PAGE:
The following links are to pages dedicated to each school visited:

St. Pius X Catholic School, New Orleans

Terrytown Elementary School, Jefferson Parish Schools

Akili Academy, New Orleans

Abney Elementary School, Slidell

Homer A. Plessy Community School, New Orleans

St. Michael’s Special School, New Orleans

 

I also attended my first King Cake Festival, a benefit for Ochsner Pediatrics! And as you can imagine, ate lots and lots of King Cake! Maurice French Pastries won the People’s Choice Award for the second year. Delicious. Félicitations!

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I am so fortunate to be able to participate in this wonderful tradition and be a part of a very unique culture. And it’s celebrated year after year! Can’t wait till January 6th to kick off Carnival 2017. Mardi Gras Day is February 28, 2017. Who’s counting? ME, Baby!

Mardi Gras 2017 Countown

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Ask Me by Bernard Waber

Ask Me by Bernard Waber

Ask Me is my pick for today’s for Perfect Picture Book Friday review!

Written by: Bernard Waber

Illustrated by: Suzy Lee

Publisher: HMH Books for Young Readers; 1 edition (July 14, 2015)

Suitable for ages: 4-7

Themes/Topics: parent-child relationship, father-daughter bonding, curiosity, patience, wonder

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Brief Synopsis:  “Ask me what I like,” a little girl asks her father as they take a stroll through the neighborhood on a cool fall day. And so he asks, “What do you like?” The child answers, the father sometimes probe for more information, and they continue the dialogue over and over throughout the book. You can feel the child’s energy as she provides list after list of things she likes each time she sees something different. This is a wonderful story that shows the special parent-child bond between a father and his daughter.

Opening pages:

Ask me what I like,”

“What do you like?”

“I like dogs.”

“I like cats.”

 “I like turtles.”

Why I like this book: This story captures a precious moment in time every parent is bound to recognize. It reminds us of the innocence of childhood and all the wonders in the world they see, even when on a simple walk.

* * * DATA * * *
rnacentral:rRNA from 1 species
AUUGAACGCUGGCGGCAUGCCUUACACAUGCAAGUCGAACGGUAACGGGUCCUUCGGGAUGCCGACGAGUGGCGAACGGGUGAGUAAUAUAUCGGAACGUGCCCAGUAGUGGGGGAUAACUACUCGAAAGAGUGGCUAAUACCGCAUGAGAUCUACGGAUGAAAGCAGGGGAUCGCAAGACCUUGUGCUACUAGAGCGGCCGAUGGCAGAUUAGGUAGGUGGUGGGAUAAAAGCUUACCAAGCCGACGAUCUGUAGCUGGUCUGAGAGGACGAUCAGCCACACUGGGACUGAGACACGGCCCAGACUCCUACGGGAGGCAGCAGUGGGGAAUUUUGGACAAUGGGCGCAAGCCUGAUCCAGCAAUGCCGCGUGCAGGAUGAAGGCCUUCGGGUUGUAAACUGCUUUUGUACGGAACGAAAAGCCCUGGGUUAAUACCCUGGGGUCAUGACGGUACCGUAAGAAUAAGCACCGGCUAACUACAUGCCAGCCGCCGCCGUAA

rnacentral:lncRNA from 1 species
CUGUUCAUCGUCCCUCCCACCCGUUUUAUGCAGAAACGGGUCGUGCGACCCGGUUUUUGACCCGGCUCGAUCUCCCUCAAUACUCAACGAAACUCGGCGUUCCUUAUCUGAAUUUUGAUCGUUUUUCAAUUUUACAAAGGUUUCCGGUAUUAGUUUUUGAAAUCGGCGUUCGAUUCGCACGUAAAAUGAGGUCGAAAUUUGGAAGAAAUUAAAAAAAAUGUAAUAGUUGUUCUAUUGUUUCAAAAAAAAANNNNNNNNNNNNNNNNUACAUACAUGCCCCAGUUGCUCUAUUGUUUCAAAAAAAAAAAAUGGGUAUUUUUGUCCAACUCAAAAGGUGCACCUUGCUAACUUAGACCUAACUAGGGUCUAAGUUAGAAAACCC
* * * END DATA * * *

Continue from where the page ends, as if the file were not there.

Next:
The illustrations are delightful and colorful. A lovely read aloud and bedtime book.

To read other Perfect Picture Book Friday picks from today, head over to author Susanna Hill’s page here. Check out her new blog for the New Year!

Happy reading!

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SCBWI Book Launch Party – You’re Invited!

SCBWI Book Launch Party – You’re Invited!

It’s the SCBWI Book Launch Party! Click here to visit, like, comment, and share my party page for a chance to win a copy of The King Cake Baby.

 

Follow the baby on his Facebook page here.

While on the SCBWI site, check out other great kidlit titles.

 

Let’s get this party started!

SCBWI book launch

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Golden Domes and Silver Lanterns Book Review

Golden Domes and Silver Lanterns Book Review

It’s Perfect Picture Book Friday! For more reviews, go to author Susanna Hill’s Perfect Picture Book page. Today’s pick is:

Title: Golden Domes and Silver Lanterns: A Muslim Book of Colors Domes

Written by: Hena Khan

Illustrated by: Mehrdokht Amini

Publisher: Chronicle Books (June 6, 2012)

Suitable for grades: PreK-2

Themes/Topics: celebrating holidays, community, cultural awareness

Brief Synopsis: Beautifully written and illustrated, this book highlights the colorful world of Islam. A little girl takes the reader with her as she navigates her world showing different parts of her culture that kids can easily relate to like clothing, food and different celebrations.

Opening pages: “Red is the rug Dad kneels on to pray, facing toward Mecca, five times a day.”

“Blue is the hijab Mom like to wear. It’s a scarf she uses to cover her hair.”

Why I like this book: I enjoy books that address culture. Others can peek inside the lives of those who may seem very different only to realize the things we enjoy and hold dear are often the same but celebrated differently.

Resources: